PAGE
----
Anyway, good luck with the car hunt.

baldricman - June 18, 2009

thanks man. Yeah you’re totally right. I really hate that when I ask a specific question about, say, the engine size (that’s a really simple question right?) they will tell me its a 1600, but then quickly squeeze in a lesson on fuel economy…which is probably incorrect. Lucky me. (It’s like the tyre salesman telling me putting nitrogen in my tyres will save me money. Bah!)

2. Juffs - June 18, 2009

Not that I’ve been in a position to a buy a car yet or anything – but what you’re saying makes total and utter sense. Sadly, it may be wishful thinking to believe that the “average” car salesmen will adhere to these requests.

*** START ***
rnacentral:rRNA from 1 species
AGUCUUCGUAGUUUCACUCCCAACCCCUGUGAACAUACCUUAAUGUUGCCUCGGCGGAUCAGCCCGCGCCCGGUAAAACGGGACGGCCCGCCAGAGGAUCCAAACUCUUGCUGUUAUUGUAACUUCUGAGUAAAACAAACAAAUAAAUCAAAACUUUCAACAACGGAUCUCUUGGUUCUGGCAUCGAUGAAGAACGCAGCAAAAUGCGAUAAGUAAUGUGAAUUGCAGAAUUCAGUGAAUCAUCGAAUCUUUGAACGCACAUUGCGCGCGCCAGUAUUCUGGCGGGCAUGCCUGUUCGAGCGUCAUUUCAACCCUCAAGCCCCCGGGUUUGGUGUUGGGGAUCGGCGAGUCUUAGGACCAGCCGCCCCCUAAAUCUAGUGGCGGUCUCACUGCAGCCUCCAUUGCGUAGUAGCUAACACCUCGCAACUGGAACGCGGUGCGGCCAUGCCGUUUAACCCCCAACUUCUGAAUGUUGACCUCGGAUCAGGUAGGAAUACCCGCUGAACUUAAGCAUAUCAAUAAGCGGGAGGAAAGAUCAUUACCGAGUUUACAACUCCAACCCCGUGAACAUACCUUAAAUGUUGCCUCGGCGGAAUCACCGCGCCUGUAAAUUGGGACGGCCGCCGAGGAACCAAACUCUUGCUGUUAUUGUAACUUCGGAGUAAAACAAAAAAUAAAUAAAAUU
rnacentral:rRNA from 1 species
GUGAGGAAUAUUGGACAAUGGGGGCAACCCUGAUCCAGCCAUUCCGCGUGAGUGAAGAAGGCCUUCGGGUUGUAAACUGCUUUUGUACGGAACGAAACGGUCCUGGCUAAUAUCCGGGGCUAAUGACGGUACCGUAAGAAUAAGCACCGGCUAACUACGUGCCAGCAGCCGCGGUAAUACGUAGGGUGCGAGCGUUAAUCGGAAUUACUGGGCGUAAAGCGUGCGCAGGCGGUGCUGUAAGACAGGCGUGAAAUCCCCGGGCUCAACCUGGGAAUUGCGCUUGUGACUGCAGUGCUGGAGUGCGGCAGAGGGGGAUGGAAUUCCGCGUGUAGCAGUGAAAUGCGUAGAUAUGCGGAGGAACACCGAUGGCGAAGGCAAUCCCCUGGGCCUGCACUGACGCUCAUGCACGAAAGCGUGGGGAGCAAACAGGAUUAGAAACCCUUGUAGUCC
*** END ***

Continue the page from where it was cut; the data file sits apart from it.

Nice post, and good luck in your further dealings with them.

3. Ryan - June 18, 2009

WAAAAAAAAAAAAAAAAAAAAAAAAAAAAAAAAAHAHAHAHAHA!!! “Set yourself a goal”… Of COURSE!!!! That guy is BRILLIANT! Why didn’t you think of that BEFORE you went in? “Set yourself a goal!” Pure genius.

4. Cath - June 18, 2009

heh… That’s my favorite trick of theirs… the firm hand-shake, looking you straight in the eye and then assuring you that the tiny, 1Ltr girlie car in the corner is the car for you… The sad thing is, most of them don’t get paid very well, and don’t know all that much about cars 😦

5. SSS - June 18, 2009

Rex.. just buy the 350/370z

baldricman - June 18, 2009

Haha, I thought you might say something like that SSS…. which is why I used the 350Z as an example 🙂 How is yours going by the way?

6. SSS - June 19, 2009